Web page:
• Fri
  • Aug 29, 2014
  • Updated: 1:24am

Le Refuge

PUBLISHED : Thursday, 27 May, 2010, 12:00am
UPDATED : Thursday, 27 May, 2010, 12:00am

Starring: Isabelle Carre, Louis-Ronan Choisy, Melvil Poupaud, Claire Vernet
Director: Francois Ozon
Category: III (French)

Having spent the past few years dabbling in Angel's Victorian-era drama and Ricky's flying-baby fantasy, Francois Ozon returns with a gritty psychological drama about loss - a theme he last tackled in 2005 with the equally stark Time to Leave.

While that film presents a solemn spiral towards the cancer-stricken protagonist's demise, Le Refuge strikes a more optimistic note: it begins with a death but ends with a rebirth, as the lead character learns from her troubled experiences to start anew.

The film's anti-hero is Mousse (Isabelle Carre, near right with Marie Riviere), a young heroin-addicted woman who discovers - to her dismay - that she is pregnant with the child of boyfriend Louis (Melvil Poupaud), who has died of an overdose.

Grief-stricken and chastised by all - none more so than Louis' mother (Claire Vernet), who suggests an abortion - Mousse leaves Paris to live in a seaside chalet, seeking refuge from the world while nursing mixed feelings towards the baby inside her.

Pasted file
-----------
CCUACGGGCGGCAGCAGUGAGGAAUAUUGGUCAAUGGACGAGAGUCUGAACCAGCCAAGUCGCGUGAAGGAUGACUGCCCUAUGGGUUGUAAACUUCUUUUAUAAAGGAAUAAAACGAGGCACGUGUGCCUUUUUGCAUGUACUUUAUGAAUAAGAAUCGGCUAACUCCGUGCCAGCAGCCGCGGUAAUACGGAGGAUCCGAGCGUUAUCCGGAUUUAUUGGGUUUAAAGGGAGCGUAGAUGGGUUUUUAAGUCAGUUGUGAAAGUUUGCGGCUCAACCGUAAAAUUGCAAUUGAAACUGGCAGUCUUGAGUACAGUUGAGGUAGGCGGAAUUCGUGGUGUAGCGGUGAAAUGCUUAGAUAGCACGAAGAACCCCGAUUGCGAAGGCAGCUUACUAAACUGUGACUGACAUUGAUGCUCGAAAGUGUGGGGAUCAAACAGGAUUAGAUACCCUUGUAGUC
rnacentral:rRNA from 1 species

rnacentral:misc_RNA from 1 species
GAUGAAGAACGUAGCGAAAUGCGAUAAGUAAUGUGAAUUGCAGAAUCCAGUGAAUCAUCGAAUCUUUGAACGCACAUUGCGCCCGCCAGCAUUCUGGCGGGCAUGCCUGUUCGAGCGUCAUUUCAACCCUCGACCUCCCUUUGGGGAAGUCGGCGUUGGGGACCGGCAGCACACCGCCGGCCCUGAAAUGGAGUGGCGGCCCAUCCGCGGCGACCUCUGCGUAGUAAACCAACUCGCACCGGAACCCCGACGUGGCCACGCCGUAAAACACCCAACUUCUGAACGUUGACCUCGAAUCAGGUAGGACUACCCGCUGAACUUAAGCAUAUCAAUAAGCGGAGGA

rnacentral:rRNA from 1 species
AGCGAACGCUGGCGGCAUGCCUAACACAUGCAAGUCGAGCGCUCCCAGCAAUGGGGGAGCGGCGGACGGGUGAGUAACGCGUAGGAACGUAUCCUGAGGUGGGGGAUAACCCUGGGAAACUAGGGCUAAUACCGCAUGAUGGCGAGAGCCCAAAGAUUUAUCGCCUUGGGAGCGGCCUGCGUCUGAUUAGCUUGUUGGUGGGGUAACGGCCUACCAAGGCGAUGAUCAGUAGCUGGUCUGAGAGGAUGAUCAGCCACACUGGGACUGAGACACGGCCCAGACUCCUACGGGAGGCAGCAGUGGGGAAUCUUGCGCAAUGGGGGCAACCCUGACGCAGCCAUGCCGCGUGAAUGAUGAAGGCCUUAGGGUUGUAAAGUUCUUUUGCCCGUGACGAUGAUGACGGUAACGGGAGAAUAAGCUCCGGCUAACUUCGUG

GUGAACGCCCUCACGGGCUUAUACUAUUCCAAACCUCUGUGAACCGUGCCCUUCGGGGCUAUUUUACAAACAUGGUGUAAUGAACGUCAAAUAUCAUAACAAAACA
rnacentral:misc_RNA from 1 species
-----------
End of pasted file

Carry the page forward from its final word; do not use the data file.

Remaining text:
It's with the arrival of Louis' gay brother Paul (singer Louis Ronan-Choisy's acting debut) that Mousse emerges from her lethargy, only to be drawn to Paul's charms. More important is how the bond leads to a d?tente that reconciles the internal schisms tearing at both characters.

As in most of Ozon's work, Le Refuge's characters are mentally frail and struggle with their eccentricities. And in her portrayal of this, Carre, who was herself pregnant during filming, delivers one of her best performances. She captures Mousse's angst at having to live on while her cherished companion has gone, while carrying a load which reminds her daily of her loss. Her powerful turn is especially evident in scenes with Ronan-Choisy - and it's a towering performance which makes Le Refuge a vividly challenging piece, one which casts a critical light on how familial ties can be broken and renewed by social conventions about morality and normalcy.

Le Refuge opens today

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